Rochester Institute of Technology will make efficiency improvements to cooling systems in four campus buildings, thanks to a low-cost loan provided by the New York Power Authority (NYPA).
RIT is the first private university in the state to receive such funding, a program made possible by legislation sponsored by Assembly Majority Leader Joe Morelle (D-Irondequoit) and Sen. George D. Maziarz (R-Newfane, Niagara County) and signed into law by Gov. Andrew Cuomo in 2011. Up until now, this program has been available only to state, city, and local government-operated facilities.
“We are pleased that NYPA has chosen RIT as the first private university to take advantage of this important program, and are grateful for the work of our legislators and the governor’s support that made it possible,” said RIT President Bill Destler. “This loan will be instrumental in helping us continue the work of making our campus as energy efficient as possible, in keeping with our pledge to reduce the university’s carbon footprint.”
NYPA is making available $400,000 in a 10-year, low-interest loan to RIT.
“We were thrilled when Gov. Cuomo amended state law to allow private colleges to participate in our Energy Efficiency Program, which has benefited public universities and schools for years,” said NYPA president and CEO Gil Quiniones. “Today, we’re proud to partner with RIT to reduce the university’s energy costs and usage, and look forward to improving energy efficiency at more educational institutions.”
The funds will be used for a chilled water optimization project. The project seeks to enhance the performance and efficiency of the chilled water system that drives the cooling process, thereby reducing energy needed for cooling buildings.
This project, which calls for replacing or modifying systems in four campus buildings, is estimated to save RIT 730,000 kilowatt hours of electricity each year, said Catherine Ahern, director of engineering services for RIT’s Facility Management Services.
At current market prices, Ahern said, that will result in an annual savings of $73,000 a year.
“RIT continues to be among the vanguard in the development of innovative and sustainable models for economic growth and energy use,” Morelle said. “I am pleased that the legislation we passed has led to this great partnership between NYPA and RIT, and I know it is only the first indication of what this new approach will mean for the future.”
“This legislation is extremely important, as it is geared to help organizations both reduce their energy costs and initiate energy efficient projects,” said Maziarz, chairman of the Senate Energy and Telecommunications Committee. “I am extremely pleased that the first private institution selected under this legislation was in Upstate New York, and especially the selection of RIT as it is a national leader in innovation and efficiency. Not only will this program lower energy costs, but it will provide the university the opportunity for economic growth and development.”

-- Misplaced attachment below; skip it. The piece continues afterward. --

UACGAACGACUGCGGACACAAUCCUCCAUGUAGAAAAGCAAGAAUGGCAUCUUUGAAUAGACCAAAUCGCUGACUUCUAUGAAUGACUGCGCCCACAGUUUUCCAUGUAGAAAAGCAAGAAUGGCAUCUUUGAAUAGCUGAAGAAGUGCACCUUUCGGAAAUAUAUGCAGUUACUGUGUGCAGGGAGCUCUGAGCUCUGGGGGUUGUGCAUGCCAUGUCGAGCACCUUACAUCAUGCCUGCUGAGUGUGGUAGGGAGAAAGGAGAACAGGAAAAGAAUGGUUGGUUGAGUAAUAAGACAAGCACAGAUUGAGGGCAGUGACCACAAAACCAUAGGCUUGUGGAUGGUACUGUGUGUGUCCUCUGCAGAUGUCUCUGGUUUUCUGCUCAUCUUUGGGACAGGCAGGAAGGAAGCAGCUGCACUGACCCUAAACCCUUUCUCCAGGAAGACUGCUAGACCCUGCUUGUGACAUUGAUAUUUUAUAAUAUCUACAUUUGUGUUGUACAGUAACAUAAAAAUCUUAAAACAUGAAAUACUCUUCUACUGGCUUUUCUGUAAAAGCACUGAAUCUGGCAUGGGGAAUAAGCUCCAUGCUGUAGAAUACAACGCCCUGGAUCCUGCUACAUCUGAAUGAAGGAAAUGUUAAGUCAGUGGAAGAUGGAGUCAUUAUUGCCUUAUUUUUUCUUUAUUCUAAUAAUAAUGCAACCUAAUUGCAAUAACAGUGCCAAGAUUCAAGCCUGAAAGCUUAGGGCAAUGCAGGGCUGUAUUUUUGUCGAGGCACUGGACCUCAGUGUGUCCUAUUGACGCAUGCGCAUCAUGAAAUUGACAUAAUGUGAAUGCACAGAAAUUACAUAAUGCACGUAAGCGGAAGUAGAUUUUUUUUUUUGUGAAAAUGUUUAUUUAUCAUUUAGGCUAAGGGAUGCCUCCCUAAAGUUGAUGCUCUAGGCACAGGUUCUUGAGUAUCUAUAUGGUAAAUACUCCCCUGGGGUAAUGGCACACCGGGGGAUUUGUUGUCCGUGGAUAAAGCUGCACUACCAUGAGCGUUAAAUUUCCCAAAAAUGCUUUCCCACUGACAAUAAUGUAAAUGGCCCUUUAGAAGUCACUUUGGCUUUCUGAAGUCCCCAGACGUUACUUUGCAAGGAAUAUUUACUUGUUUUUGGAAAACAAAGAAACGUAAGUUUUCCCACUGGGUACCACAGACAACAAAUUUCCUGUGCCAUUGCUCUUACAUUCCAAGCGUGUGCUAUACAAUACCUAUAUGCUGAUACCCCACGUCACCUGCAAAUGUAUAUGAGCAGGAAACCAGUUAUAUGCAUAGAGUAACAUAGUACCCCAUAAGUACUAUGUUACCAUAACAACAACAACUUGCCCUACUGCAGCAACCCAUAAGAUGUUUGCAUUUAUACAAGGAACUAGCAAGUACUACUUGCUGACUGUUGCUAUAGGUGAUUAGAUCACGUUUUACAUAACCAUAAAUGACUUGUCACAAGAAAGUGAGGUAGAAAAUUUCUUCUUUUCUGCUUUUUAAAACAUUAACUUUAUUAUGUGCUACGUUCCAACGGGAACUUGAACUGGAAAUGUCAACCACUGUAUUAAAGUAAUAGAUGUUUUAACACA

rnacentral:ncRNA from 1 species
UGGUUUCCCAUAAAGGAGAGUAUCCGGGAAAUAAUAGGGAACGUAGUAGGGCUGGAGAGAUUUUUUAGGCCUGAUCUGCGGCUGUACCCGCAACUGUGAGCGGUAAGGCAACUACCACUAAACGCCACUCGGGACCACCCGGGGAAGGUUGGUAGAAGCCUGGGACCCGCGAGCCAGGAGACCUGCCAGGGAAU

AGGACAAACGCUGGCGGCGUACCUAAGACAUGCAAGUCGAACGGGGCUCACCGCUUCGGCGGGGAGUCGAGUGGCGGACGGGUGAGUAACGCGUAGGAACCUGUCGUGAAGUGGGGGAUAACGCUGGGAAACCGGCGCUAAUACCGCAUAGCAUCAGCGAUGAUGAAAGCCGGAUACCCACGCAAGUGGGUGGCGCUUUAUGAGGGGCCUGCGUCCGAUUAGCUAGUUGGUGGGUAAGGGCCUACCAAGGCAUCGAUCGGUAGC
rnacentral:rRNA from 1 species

Even more important than the financial savings is the reduced cost of energy, Ahern said, in keeping with RIT President Destler’s pledge to institute measures that will reduce energy consumption—and thereby RIT’s carbon footprint—campus wide. In 2009, Destler signed the American College & University Presidents Climate Commitment. RIT recently completed a project replacing fluorescent lighting in several buildings with more efficient, custom LED bulbs, a move estimated to save RIT more than $300,000 a year in energy and maintenance costs.
Ahern said RIT was an excellent candidate for the NYPA program because the university has done extensive energy conservation studies, focused on identifying the most cost-effective ways to reduce consumption.
“We have done a lot of work in this area, looking at our existing systems and how they can be improved to save energy and money,” Ahern said. “We have projects all teed up, and ready to go. Now, thanks to this loan, we can begin this project, which we expect will result in immediate savings.”
Ahern said work on this chilled water optimization project should be completed within the next six months.
About NYPA: The New York Power Authority uses no tax money or state credit. It finances its operations through the sale of bonds and revenues earned in large part through sales of electricity. NYPA is a leader in promoting energy efficiency, new energy technologies and electric transportation initiatives. It is the nation's largest state public power organization, with 16 generating facilities in various parts of New York state and more than 1,400 circuit-miles of transmission lines. Approximately 80 percent of the electricity it produces is clean renewable hydropower. Its lower-cost power production and electricity purchases support hundreds of thousands of jobs throughout the state.